Anyway, to answer this question I checked the law books and couldn’t find anything saying that blatantly discarding legally caught fish along the roadside is illegal, short of obvious and potentially costly “littering in the first degree.”

Oddly, there is something in the state’s saltwater fishing rules and regulations that, at first, seems pertinent. It’s actually just a heading, titled “Wanton Waste Prohibited.” However, the wording beneath it is strangely disassociated. It reads, “Fish of any species which are purposely killed shall become part of the angler’s daily possession limit and shall not be returned to the water from which they were taken. This does not apply to fish which are released alive and subsequently die.”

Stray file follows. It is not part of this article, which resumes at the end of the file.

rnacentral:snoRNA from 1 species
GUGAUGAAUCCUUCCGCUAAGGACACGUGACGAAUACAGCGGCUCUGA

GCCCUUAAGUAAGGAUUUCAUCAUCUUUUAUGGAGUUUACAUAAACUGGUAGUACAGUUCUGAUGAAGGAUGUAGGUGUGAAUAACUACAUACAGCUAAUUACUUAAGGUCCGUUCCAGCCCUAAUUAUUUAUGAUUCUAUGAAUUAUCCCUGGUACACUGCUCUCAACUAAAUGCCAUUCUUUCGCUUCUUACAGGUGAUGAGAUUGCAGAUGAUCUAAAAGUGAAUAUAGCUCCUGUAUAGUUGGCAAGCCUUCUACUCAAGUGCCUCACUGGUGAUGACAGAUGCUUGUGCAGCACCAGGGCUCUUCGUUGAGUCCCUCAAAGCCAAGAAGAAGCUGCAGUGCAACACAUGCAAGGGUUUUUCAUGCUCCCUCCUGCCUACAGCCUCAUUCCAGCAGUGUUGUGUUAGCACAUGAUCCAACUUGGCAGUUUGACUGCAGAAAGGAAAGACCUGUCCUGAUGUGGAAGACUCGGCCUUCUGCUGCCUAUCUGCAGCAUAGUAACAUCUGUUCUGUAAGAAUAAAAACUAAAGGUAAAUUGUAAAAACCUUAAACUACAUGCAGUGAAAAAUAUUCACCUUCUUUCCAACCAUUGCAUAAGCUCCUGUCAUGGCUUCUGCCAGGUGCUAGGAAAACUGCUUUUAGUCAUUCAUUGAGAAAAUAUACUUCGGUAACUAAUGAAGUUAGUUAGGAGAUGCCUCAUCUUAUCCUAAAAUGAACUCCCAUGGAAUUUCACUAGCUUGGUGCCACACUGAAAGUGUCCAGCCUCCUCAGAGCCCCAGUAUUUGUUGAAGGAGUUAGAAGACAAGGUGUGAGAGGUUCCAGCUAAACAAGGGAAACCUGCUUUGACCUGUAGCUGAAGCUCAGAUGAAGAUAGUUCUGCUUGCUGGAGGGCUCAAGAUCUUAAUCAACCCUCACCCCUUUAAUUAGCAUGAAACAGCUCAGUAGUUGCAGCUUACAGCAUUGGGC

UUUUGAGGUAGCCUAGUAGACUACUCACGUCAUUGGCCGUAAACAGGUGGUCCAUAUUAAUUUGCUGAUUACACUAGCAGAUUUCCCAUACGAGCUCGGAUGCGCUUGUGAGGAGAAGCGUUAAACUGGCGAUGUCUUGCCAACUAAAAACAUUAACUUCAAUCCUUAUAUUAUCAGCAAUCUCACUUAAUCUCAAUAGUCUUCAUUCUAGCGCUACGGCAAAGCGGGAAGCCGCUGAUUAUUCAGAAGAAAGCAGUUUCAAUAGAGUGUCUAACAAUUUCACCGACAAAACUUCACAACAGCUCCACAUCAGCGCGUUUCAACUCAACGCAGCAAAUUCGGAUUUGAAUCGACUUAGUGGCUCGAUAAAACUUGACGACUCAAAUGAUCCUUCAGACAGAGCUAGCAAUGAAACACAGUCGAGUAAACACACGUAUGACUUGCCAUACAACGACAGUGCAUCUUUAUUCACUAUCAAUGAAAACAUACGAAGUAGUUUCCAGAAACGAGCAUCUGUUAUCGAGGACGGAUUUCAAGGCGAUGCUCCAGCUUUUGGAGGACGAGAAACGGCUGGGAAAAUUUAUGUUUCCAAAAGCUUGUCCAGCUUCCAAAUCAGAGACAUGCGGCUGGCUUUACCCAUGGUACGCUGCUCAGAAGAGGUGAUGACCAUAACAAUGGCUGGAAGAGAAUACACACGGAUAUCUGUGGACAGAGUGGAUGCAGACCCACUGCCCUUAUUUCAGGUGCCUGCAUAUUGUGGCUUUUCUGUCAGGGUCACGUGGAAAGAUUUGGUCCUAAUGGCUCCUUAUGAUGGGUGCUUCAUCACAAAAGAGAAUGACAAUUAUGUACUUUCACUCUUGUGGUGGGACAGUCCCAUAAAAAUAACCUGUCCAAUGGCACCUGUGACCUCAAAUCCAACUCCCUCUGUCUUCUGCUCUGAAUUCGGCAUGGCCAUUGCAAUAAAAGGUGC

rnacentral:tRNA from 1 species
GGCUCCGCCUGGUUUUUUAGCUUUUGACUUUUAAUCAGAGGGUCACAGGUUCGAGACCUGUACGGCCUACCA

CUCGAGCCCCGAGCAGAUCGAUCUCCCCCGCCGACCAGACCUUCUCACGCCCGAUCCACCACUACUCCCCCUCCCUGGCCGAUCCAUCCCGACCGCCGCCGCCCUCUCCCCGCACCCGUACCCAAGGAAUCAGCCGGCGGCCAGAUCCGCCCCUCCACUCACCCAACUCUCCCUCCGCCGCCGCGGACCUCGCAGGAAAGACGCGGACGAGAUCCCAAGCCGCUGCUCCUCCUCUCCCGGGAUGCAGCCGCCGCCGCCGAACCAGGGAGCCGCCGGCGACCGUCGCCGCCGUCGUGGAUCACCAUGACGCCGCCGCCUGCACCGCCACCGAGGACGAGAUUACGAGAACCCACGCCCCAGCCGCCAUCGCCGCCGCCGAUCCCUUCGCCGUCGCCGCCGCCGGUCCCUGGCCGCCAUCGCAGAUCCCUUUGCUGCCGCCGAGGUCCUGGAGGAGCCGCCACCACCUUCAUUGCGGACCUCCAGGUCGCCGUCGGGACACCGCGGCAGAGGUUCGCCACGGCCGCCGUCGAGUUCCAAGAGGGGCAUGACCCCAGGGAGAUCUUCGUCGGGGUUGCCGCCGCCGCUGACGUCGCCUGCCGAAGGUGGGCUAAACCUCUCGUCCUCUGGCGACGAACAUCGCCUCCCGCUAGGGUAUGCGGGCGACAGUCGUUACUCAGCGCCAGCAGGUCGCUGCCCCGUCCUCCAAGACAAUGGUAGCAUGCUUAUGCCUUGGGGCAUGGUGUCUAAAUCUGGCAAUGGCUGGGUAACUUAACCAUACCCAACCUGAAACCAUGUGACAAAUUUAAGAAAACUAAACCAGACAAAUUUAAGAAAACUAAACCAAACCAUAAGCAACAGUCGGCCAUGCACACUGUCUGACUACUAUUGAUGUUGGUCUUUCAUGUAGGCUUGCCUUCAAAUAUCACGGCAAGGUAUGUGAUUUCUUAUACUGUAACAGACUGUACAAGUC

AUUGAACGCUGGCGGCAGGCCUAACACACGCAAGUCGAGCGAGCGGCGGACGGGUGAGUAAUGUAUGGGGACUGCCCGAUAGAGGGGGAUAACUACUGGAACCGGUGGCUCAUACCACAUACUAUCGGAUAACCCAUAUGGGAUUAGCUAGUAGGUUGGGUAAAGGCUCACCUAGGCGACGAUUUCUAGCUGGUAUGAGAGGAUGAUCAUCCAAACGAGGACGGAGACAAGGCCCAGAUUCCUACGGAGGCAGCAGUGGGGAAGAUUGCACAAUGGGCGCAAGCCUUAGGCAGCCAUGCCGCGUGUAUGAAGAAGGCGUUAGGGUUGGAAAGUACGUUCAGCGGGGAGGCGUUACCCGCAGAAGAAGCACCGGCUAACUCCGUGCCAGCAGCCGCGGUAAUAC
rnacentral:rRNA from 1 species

Translated, that means you cannot kill a couple bass, go on to catch a couple bigger ones and then get to deep-six the DOAs. However, most other states consider wanton waste in much meatier terms. Succinctly put: You kill it, you use it all – or else. Admittedly, that’s both a true sportsman’s mantra and written law within the hunting realm – and also in Jersey, to some degree. Hereabouts, it is illegal to possess or sell just trophy body parts from a deer or bear unless you’re a taxidermist.

Could such a rule be applied to angling? Not really. We can all question the sportsmanship of an angler whose entire weighty catch goes into fertilizing the garden. I can personally despise anyone wasting fish by chucking them roadside. But no waste laws apply to fish.